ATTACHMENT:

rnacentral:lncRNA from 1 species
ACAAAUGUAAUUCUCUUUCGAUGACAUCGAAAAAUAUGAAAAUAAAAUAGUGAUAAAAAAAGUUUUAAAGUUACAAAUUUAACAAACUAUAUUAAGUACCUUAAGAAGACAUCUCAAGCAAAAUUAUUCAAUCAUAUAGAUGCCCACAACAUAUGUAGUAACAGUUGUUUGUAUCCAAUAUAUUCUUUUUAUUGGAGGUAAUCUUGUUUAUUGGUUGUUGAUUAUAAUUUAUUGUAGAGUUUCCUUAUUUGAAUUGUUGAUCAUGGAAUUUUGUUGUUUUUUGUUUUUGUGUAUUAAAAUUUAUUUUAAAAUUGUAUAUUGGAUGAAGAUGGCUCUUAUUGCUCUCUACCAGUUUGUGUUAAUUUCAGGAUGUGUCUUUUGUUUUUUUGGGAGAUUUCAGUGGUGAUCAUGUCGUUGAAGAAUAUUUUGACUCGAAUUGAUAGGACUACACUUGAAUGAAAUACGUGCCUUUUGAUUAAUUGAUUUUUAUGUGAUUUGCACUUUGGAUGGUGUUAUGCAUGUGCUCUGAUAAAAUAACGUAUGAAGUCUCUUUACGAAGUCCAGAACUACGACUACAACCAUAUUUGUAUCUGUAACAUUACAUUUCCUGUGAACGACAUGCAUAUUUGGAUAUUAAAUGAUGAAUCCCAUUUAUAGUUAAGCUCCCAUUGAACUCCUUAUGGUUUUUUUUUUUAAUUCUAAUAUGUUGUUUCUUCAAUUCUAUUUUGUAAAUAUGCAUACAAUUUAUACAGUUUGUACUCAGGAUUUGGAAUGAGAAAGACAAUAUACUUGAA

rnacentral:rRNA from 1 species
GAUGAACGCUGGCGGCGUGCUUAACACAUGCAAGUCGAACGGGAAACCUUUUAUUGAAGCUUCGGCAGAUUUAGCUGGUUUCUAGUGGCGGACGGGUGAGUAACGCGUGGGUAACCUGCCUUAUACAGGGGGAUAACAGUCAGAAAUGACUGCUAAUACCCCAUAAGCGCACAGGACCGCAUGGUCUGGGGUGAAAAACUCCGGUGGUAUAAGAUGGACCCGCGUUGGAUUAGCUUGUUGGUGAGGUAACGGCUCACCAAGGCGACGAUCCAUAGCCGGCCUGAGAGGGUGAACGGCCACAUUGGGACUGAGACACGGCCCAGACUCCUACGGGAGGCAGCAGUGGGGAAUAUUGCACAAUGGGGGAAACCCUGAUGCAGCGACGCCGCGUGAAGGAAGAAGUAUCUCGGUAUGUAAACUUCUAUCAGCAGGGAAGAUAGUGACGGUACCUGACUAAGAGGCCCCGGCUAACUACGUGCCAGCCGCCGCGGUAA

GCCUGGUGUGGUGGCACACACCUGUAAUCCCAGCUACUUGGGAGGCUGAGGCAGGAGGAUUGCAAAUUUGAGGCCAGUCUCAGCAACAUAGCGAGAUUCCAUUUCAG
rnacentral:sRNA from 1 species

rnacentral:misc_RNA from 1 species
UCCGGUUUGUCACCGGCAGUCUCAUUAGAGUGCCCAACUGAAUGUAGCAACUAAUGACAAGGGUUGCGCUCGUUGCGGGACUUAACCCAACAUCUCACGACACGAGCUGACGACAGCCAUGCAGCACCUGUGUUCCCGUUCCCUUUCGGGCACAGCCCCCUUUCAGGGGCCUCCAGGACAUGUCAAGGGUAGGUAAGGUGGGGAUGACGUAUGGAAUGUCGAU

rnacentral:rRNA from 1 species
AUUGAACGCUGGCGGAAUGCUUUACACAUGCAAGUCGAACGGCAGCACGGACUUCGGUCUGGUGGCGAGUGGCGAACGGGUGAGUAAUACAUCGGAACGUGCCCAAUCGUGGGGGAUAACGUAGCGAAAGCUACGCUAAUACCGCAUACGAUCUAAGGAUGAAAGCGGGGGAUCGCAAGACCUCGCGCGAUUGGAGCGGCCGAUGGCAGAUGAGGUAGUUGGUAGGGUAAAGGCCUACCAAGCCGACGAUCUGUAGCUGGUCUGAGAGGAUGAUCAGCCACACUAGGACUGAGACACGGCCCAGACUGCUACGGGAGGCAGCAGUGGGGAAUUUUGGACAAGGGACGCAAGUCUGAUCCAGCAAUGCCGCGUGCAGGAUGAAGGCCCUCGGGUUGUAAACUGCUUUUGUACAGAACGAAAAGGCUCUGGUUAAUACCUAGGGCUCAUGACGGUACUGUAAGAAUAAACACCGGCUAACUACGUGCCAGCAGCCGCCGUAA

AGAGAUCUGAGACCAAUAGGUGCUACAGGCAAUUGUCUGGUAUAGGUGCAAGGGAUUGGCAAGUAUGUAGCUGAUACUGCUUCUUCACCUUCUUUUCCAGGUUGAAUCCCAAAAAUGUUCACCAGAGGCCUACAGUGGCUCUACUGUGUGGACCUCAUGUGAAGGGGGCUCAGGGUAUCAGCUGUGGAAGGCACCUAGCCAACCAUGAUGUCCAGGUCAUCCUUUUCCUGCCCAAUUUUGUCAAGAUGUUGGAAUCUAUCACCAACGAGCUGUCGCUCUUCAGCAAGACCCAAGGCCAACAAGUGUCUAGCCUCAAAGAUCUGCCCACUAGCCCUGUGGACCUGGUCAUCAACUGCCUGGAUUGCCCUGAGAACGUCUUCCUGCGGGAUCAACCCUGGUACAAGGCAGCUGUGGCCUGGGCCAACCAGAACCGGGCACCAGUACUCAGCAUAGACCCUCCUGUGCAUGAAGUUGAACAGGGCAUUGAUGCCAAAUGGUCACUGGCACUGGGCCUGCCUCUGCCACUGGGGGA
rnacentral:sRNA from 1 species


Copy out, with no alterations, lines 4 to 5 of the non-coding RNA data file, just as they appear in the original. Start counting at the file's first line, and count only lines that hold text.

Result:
GAUGAACGCUGGCGGCGUGCUUAACACAUGCAAGUCGAACGGGAAACCUUUUAUUGAAGCUUCGGCAGAUUUAGCUGGUUUCUAGUGGCGGACGGGUGAGUAACGCGUGGGUAACCUGCCUUAUACAGGGGGAUAACAGUCAGAAAUGACUGCUAAUACCCCAUAAGCGCACAGGACCGCAUGGUCUGGGGUGAAAAACUCCGGUGGUAUAAGAUGGACCCGCGUUGGAUUAGCUUGUUGGUGAGGUAACGGCUCACCAAGGCGACGAUCCAUAGCCGGCCUGAGAGGGUGAACGGCCACAUUGGGACUGAGACACGGCCCAGACUCCUACGGGAGGCAGCAGUGGGGAAUAUUGCACAAUGGGGGAAACCCUGAUGCAGCGACGCCGCGUGAAGGAAGAAGUAUCUCGGUAUGUAAACUUCUAUCAGCAGGGAAGAUAGUGACGGUACCUGACUAAGAGGCCCCGGCUAACUACGUGCCAGCCGCCGCGGUAA

GCCUGGUGUGGUGGCACACACCUGUAAUCCCAGCUACUUGGGAGGCUGAGGCAGGAGGAUUGCAAAUUUGAGGCCAGUCUCAGCAACAUAGCGAGAUUCCAUUUCAG